We support all Australians who have experienced image-based abuse
By providing help to remove images and videos, access to counselling and support and legal assistance.
What is image-based abuse?
Image-based abuse (IBA) happens when an intimate image or video is shared without the consent of the person pictured.
This includes images or videos that have been digitally altered (using Photoshop or specialised software).
An intimate image is one that shows
- a person’s genital area or anal area (whether bare or covered by underwear)
- a person’s breasts (if the person identifies as female, transgender or intersex)
- private activity (for example a person undressing, using the bathroom, showering, bathing or engaged in sexual activity)
- a person without attire of religious or cultural significance if they would normally wear such attire in public
Image-based abuse also includes the threat of an intimate image being shared.
Image-based abuse is sometimes called other things like ‘revenge porn’, ‘intimate image abuse’ or ‘image-based sexual abuse’. ‘Revenge porn’ is the term usually used in the media. But in many cases image-based abuse is not about ‘revenge’ or ‘porn’. Image-based abuse can happen for many reasons and can include many kinds of images and video.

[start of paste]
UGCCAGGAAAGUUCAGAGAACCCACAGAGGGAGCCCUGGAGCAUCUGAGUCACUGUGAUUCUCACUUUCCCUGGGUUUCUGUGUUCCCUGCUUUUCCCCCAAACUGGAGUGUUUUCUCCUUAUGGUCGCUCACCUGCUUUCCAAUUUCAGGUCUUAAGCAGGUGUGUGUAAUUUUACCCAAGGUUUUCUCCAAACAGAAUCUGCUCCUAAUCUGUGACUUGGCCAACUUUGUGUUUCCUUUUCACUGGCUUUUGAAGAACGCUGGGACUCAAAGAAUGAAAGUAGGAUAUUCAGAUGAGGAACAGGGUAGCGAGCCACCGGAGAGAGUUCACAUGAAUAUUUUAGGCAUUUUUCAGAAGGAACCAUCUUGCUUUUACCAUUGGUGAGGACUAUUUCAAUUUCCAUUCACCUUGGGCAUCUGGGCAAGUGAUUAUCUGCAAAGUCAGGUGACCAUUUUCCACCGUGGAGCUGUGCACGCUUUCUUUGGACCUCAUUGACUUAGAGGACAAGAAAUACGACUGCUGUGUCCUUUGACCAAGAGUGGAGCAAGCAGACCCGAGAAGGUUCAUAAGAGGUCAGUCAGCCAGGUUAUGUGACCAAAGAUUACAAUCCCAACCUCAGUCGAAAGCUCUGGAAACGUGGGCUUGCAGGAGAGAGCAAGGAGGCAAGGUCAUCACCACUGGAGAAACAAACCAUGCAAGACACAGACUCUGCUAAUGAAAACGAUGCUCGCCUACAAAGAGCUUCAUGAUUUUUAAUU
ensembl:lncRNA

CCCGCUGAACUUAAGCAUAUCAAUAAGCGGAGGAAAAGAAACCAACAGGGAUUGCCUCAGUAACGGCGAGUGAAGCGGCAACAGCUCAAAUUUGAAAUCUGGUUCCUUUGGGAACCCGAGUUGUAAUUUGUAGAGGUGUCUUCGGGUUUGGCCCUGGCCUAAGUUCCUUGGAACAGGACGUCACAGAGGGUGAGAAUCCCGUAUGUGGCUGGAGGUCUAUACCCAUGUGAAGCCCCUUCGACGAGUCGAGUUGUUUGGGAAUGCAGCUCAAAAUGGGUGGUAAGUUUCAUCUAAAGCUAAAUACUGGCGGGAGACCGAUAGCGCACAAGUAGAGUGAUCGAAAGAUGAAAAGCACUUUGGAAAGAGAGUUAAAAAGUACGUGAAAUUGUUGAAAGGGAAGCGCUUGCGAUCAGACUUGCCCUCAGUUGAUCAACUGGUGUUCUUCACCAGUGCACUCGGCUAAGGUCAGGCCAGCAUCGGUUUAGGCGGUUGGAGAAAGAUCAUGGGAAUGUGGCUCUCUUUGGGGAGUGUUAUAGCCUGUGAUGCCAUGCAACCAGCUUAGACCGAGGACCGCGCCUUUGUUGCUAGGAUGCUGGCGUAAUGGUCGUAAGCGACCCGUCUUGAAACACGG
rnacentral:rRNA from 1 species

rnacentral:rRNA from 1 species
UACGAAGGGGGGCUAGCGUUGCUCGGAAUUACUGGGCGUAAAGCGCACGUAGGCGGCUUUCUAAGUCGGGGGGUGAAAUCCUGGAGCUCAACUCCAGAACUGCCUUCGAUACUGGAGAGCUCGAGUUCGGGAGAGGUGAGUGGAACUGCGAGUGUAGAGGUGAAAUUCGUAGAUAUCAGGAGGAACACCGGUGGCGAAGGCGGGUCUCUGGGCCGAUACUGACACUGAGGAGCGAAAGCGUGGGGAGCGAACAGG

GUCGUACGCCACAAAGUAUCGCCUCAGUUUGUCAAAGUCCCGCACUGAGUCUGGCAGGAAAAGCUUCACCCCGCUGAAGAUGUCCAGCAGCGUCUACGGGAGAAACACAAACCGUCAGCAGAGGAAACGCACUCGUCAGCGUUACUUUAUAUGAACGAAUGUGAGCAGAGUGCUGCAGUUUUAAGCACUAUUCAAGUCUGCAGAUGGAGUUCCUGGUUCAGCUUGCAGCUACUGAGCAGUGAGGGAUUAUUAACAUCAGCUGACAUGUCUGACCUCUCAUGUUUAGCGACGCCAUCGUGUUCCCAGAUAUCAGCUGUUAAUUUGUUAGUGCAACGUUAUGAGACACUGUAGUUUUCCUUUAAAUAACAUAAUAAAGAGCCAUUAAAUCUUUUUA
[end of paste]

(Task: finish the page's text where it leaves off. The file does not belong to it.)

If you have experienced image-based abuse, the most important things to remember are that it is not your fault and you are not alone.
Civil penalties scheme
There is now a civil penalties scheme to address image-based abuse.
If you report image-based abuse to us, we can help to get the material removed as quickly as possible. Sometimes we can also take action against the person who posted, or threatened to post, an intimate image without consent. Learn more about the civil penalties scheme.
11% of adult Australians have experienced image-based abuse
If you have experienced image-based abuse, you are not alone. 11% of Australians aged 18 and over have experienced image-based abuse. Women aged 18 to 24 are more likely to be targets. IBA affects people regardless of their age, race, religion, gender, sexual orientation, education or bank balance. Read more eSafety Research